Makai Connects World’s Largest Ocean Thermal Plant to U.S. Grid
Makai Ocean Engineering celebrates the completion of the world’s largest operational Ocean Thermal Energy Conversion (OTEC) power plant with a dedication ceremony held on Friday, August 21, at 11:00 a.m. at the Natural Energy Laboratory of Hawaii Authority (NELHA).
Makai’s OTEC power plant uses the temperature difference between the ocean’s cold deep water and warm surface water to generate clean, renewable electricity that is available 24 hours a day, 365 days a year. The NELHA-sited plant will generate 100 kilowatts of sustainable, continuous electricity—enough to power 120 Hawaii homes annually.
The breakthrough marks the first true closed-cycle OTEC plant to be connected to a U.S. electrical grid, and represents a major achievement for Hawaii, the United States, and marine renewable energy.
Distinguished officials gathered at NELHA to commemorate the occasion by “flipping the switch” to deliver OTEC power for the first time.
(Photo courtesy of S.Cerri)
“Today marks the launch of the world’s largest operational ocean thermal power plant,” said Hawaii Governor David Ige. “This plant provides a much-needed test bed to commercialize ocean thermal energy conversion technology and bolster innovation, and it serves as a stepping stone to larger plants that will provide meaningful amounts of stable, clean power to Hawaii and other locations in Asia Pacific such as Okinawa in the near future.”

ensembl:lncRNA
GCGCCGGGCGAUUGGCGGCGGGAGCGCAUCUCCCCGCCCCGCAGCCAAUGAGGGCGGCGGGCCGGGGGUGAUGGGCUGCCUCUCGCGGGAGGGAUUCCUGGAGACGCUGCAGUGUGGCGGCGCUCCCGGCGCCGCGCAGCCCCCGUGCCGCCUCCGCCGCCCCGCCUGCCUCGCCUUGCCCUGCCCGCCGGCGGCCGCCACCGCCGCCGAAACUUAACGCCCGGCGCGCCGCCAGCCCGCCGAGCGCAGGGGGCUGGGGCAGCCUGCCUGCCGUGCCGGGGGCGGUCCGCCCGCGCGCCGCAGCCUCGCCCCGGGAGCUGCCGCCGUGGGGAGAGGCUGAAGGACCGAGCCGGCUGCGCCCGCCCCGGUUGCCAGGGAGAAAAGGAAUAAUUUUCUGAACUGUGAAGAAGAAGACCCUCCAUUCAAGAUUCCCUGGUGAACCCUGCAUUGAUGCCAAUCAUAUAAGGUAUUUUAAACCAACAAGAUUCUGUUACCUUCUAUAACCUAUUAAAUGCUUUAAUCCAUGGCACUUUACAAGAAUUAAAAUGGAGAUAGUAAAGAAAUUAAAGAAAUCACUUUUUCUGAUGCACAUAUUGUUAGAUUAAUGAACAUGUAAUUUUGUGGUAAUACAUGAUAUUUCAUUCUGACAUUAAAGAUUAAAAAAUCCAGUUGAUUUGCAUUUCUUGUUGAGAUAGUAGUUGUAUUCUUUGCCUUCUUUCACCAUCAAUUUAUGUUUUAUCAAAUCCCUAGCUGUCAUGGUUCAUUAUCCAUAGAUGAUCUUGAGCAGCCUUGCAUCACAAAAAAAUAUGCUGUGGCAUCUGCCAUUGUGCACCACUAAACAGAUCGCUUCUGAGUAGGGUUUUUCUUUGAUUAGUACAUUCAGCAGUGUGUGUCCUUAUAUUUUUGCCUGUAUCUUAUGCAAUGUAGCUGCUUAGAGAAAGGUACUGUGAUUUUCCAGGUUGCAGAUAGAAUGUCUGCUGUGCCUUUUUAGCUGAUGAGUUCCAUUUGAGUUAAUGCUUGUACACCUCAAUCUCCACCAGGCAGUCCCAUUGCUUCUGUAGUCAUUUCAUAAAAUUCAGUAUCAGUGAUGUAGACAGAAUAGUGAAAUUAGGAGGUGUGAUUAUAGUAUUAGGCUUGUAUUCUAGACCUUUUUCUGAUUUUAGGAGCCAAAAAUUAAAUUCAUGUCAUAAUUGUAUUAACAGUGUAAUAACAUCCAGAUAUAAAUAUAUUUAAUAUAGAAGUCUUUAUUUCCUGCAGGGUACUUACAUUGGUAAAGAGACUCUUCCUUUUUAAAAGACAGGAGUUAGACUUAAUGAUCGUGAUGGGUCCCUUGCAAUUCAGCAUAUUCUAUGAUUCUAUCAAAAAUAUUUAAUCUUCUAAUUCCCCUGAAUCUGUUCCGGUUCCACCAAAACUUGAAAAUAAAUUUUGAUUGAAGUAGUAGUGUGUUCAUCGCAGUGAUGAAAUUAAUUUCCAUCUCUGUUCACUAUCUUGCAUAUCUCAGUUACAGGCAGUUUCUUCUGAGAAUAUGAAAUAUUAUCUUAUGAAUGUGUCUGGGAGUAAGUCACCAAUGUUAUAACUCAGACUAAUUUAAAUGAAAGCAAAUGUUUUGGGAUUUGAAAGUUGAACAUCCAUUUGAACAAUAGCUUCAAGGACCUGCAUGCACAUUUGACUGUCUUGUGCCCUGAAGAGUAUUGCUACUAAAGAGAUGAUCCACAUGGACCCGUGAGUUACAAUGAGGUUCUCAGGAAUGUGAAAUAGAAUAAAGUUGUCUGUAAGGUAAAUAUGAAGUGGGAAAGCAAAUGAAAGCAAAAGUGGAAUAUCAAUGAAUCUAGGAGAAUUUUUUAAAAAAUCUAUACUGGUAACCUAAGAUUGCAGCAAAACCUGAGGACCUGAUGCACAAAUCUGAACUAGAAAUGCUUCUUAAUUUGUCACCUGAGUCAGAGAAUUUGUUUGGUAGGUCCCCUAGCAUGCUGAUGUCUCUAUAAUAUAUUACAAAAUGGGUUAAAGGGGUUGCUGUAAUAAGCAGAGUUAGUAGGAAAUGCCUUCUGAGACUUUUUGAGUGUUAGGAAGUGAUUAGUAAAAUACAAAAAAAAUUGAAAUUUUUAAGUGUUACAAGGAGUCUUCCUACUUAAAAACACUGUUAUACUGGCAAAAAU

The research and development at the plant was funded by the Office of Naval Research (ONR) through the Hawaii Natural Energy Institute (HNEI), and the infrastructure was funded by Naval Facilities Engineering Command (NAVFAC). Accrued electricity revenues from this power plant will sustain further research and development of OTEC technology. A potential next phase for OTEC development at NELHA is being considered by an international consortium under the recently signed Okinawa-Hawaii clean energy agreement. (READ MORE)